The polls are set to open on Friday in Zimbabwe, despite calls from the world community to postpone the elections because of political, social and economic unrest in the country. Nelson Mandela is among the most recent leaders to condemn Mugabe and the violence there. Charlayne Hunter-Gault, a writer for The Root, is like many Western journalists, barred from entering Zimbabwe. But, she has kept up with her contacts inside the country with credible people she has learned to trust over the years, confident their first-hand reports will not compromise her own credibility and equally confident that it is important to tell the ongoing story from every possible angle. Here is a first-hand look from a writer whose identity is being kept secret because of safety concerns.
The 'Biti' referred to is Tendai Biti, the secretary general of the MDC who is under arrest and charged with treason for among other things, communicating statements prejudicial to the state. This piece was written before the news of the Tsvangirai pullout. ZANU referred to is the ruling party of Robert Mugabe.
ZIMBABWE—Every effort is being directed at putting out the light.
MDC has been banned, by the "ruling party" from campaigning on local TV. People have been told to take down their satellites as they are picking up "outside" news reports. Wind-up radios have been declared a tool of the opposition.
Non-governmental organizations (NGOs) have been banned. Recharge cards are unavailable for many cell phone networks—no juice. Many land lines are down—cables stolen. Biti is still in jail. Militia camps have been set up in all high-density and many low-density suburbs in Harare. ZANU youth roam the streets at night forcing people into all-night rallies to join the ranks of the destruction.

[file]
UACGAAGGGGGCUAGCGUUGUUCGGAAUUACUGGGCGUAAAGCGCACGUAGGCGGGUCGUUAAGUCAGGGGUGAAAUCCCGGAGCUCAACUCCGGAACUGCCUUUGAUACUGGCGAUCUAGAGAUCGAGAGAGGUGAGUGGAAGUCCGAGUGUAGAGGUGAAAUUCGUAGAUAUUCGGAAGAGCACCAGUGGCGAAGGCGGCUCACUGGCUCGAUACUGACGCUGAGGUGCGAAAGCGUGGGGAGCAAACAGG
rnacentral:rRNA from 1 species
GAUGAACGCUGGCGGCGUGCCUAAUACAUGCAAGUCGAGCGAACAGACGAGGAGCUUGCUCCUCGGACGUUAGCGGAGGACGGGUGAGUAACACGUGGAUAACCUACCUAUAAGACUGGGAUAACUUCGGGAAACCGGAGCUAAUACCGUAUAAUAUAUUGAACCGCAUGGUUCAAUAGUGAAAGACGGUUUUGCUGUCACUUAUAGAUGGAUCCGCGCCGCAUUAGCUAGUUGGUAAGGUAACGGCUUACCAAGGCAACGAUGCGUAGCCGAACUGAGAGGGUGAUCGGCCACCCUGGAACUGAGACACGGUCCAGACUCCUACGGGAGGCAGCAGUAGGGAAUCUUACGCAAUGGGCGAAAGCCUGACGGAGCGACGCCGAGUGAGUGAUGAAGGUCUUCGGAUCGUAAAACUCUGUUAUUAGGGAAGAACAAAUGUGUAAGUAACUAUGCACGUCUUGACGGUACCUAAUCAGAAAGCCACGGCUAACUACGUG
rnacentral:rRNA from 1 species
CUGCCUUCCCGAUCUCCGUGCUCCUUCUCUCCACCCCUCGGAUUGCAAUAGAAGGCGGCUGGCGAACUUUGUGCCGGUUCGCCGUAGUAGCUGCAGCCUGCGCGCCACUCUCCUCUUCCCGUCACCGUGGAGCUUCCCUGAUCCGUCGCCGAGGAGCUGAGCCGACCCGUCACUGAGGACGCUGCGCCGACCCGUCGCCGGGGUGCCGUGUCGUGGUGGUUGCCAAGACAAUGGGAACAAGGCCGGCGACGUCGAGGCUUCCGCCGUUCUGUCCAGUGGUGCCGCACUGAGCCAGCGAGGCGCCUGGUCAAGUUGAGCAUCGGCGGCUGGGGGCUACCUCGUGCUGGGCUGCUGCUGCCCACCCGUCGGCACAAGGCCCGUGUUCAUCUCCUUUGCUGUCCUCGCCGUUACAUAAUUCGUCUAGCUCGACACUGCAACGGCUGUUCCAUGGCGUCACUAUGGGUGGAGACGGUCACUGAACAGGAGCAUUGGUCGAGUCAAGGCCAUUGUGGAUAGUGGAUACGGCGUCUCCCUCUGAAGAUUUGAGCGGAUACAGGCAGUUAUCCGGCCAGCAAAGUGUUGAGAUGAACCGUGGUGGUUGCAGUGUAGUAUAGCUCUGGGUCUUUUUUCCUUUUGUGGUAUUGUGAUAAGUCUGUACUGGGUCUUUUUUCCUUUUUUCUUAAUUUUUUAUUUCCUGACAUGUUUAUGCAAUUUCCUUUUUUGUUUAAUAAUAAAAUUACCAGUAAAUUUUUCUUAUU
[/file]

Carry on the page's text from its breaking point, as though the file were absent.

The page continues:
E's old father left his rural home last week, threatened by ZANU youths for voting wrongly. Last night he had to return, called back by the invaders to face them; or "we will burn the whole village." An old man held to ransom, showing such courage…his fate is still unknown.
It is a dark curtain that has been pulled over the land, and yet…the light still shines.
It shines in small bubbles of the back yard of a mechanic's garden, where they celebrate work completed on his minivan by sitting in the back and imagining the places they will visit—the mechanic, his wife, their two large dogs, the assistant mechanic and the old sekuru (grandfather) who cleans the yard.
All crowded into the back, imagine what they were seeing, a wonderful escape without moving. Out of the isolation of having the home fires broken; they gather in an old woman's small kitchen at night—a mother with her three children from a house in the next suburb, an old woman who has brought two girls in from the rural areas, a man who has his arm in plaster from a police beating in Marondera.
All have walked through the fire; new found friends at a new fire gently pray for this to end in the circle at Kufunda. They dedicate this time to gathering their gifts and holding their spirits in a suburban garden where an activists sits—alone at the foot of an oak tree watching the leaves fall, listening to its wisdom.
This is where 70 young children are left behind in the invasion of their villages. They're being cared for, awaiting their scattered parents return, on our veranda at night. Watching the gold of the sunset through masasas and the bush babies at the feeding tray and the acrobatics of two joyful Jack Russells from our back door in the morning. Counting the new flowering of the sweet peas from this place of such beauty and courage and grief to a web of light out there that holds us.
I wish you a golden sunset.
Charlayne Hunter-Gault is a regular contributor to The Root.